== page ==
Last week, I checked in at the Lees Hotel in Masvingo for a business trip. What a mistake it turned out to be! In booking for accommodation and conference facilities, I had relied on the last experience I had in 2015. Back then, the hotel was on top of the hoteling industry in the ancient city. When the hotel was launched around 2010, it was the game changer in the hotel industry in Masvingo. It was strategically located, less than 2km from the Central Business District (CBD), away from the traffic noise and other vices that come with locations in the CBD.
Its facilities, the rooms, the people, the food and conference packages were second to none. I remembered referring a colleague, Victor and impressing upon him that there were only two hotels in the city, Lees Inn and others.
I carried this brand experience with me since then until my return to the hotel last week to my dismay. It was as if there was a monumental loss of control at the hotel.
I went for breakfast and thought I was in the wrong hotel. After realizing that I could not eat the poorly prepared breakfast, I requested for a fried egg, which was literally served swimming in cooking oil. The staff seemed to have been overwhelmed and could not understand why I kept asking for substitutes until I gave up and opted to eat something at lunch. When lunch was served, I opted to drive into town to look for a decent meal, since what was being served simply did not meet hotel standards.
When it came to the accommodation itself, my room had ceiling leakages coming from the geyser making the floors slippery and a danger to me. When I pointed this out to the staff; their response was I should understand that the ceiling was leaking!!! The drama of my stay went on throughout the period of my business trip and got to the tipping point on my day of departure when I witnessed one of the residents fuming by the reception that there was no running water in his room and he was running late to a meeting!
This is a brand that was dominating the hotel industry in Masvingo since its entrance into the market around 2010, but seven years down the line it has lost both its competitive advantage and market share. It is an indication that the hotel has no strategy powering its operations, thereby cannibalising its own brand strength along the way, and a possible change or several changes in management. It may also point to the fact that there has been a high staff turnover, possibly due to the economic hardships or low morale judging from the attitude of the staff. I will, therefore, propose the following five fundamental points that the hotel and any other business should take into consideration as they craft marketing strategies:
Understand customer needs: The most successful businesses allow the changing needs of their customers to drive their expansion and growth. As customers' needs and tastes change, only the agile businesses will survive as they provide solutions and create a lasting experience to the customers. In the case of the Lees Inn, it has been left behind by evolving customer needs. If the establishment continues on this path, it will soon close doors and call it a day.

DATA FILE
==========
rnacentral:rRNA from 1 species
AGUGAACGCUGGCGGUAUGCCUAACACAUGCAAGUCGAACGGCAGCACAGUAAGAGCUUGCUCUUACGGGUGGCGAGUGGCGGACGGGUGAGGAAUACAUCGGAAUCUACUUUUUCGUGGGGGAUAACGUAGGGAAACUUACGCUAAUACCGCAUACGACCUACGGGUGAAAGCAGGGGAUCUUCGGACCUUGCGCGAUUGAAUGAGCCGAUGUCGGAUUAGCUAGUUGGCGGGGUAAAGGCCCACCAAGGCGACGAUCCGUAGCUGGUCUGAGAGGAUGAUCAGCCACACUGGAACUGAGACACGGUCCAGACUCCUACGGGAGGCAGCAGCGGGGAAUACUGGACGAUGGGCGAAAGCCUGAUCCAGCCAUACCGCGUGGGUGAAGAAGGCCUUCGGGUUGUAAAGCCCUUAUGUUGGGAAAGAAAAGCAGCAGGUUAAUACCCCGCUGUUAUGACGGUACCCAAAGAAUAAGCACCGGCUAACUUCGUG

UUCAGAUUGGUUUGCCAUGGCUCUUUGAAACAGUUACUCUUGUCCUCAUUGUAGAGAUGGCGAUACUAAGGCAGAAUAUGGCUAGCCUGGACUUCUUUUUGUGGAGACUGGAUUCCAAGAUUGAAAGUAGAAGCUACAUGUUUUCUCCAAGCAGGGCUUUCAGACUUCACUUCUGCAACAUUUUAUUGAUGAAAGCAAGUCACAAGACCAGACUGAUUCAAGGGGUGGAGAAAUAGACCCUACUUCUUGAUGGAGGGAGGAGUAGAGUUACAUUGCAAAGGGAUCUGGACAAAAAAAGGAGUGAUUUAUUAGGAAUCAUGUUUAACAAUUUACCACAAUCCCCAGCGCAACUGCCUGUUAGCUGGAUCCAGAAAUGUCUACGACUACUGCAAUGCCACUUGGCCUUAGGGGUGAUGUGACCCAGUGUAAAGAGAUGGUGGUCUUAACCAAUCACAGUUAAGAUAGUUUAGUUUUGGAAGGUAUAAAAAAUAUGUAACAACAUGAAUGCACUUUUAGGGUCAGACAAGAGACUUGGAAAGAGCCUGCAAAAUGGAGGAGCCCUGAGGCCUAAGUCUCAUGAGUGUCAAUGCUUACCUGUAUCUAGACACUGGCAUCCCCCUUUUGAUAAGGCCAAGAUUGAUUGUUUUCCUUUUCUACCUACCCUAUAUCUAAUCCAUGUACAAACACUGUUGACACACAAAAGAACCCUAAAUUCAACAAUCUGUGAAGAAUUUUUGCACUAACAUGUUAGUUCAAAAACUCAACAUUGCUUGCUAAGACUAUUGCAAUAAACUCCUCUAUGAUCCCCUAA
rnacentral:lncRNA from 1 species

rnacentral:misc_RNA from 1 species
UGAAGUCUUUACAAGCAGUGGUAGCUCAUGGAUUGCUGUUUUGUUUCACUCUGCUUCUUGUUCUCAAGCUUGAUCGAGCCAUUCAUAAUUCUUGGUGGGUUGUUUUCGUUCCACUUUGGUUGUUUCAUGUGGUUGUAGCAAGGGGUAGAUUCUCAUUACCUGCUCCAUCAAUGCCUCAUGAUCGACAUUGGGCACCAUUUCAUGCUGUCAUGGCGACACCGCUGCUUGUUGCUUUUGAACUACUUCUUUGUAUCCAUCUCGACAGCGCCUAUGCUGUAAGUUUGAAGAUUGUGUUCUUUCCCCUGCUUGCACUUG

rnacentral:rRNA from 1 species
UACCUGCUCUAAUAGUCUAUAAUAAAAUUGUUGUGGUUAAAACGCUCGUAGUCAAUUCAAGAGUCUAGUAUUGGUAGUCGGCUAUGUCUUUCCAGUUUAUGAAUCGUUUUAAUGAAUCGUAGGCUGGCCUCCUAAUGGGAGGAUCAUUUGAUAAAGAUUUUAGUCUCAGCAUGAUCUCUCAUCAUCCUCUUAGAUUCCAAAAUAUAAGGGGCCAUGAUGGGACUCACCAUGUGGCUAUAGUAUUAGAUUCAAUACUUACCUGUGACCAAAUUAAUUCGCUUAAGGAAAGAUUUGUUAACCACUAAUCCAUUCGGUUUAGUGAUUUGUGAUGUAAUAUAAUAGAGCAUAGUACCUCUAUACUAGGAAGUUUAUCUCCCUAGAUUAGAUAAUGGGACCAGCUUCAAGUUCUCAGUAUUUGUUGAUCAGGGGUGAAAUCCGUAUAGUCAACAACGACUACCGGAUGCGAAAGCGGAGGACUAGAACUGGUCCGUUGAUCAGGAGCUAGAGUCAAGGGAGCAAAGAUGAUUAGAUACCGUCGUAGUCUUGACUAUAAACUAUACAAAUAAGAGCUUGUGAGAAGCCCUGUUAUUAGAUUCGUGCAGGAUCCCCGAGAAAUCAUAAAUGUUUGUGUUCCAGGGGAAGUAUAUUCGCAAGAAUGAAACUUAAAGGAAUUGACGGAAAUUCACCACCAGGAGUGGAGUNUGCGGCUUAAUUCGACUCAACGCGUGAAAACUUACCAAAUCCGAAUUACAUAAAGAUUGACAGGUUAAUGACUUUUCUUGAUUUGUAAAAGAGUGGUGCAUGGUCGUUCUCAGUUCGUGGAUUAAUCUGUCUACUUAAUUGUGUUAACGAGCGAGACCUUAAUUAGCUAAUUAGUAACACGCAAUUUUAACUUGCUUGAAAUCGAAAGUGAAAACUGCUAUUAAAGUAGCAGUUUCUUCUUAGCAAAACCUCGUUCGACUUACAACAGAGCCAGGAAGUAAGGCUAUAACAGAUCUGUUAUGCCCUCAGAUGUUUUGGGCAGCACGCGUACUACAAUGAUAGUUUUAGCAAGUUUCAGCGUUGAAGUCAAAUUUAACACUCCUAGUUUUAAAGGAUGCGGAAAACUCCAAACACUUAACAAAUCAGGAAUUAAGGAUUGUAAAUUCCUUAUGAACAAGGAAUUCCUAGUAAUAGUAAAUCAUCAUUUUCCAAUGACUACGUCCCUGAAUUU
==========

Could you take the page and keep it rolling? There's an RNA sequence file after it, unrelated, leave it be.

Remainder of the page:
Innovation and changing customer behaviour
The fast paced changes of human behaviour require the business to invest into developing competitive innovation strategies so that they are wired to the thinking and preferences of the customers. The internet has powered the mobility of the customer through enabling decision-making while on the go. Instead of relying on traditional methods of reaching out to customers, brands should invest in utilising ICTs to better serve their customers.
In the 21st century, the best way for brands to differentiate themselves from competing offerings is through creating an ecosystem of lasting customer experiences throughout the customer's purchase journey. Any other form of seeking to create a distinctive competitive advantage can be imitated by competition but customer experience is very difficult to imitate since it entails building a lasting relationship with the customer and remaining true to the brand values, promises and exceeding your brand promise on delivery.
Converting prospects into customers
Businesses that succeed in their respective markets have the ability to convert prospectives into customers rather than seeking comfort in the current customer base. In the case of the Lees Inn, scaring away the existing customers!
Lees Inn used to be the talk of the town, offering exceptional service in the industry! But things seem to have changed. It is recommended that they concentrate on the soul of the business, and, after running campaigns and positioning themselves as the finest, should be able to deliver the product or service of the highest quality to the market.
Tabani Moyo is a chartered marketer, brand and communications strategist based in Harare. He can be contacted at firstname.lastname@example.org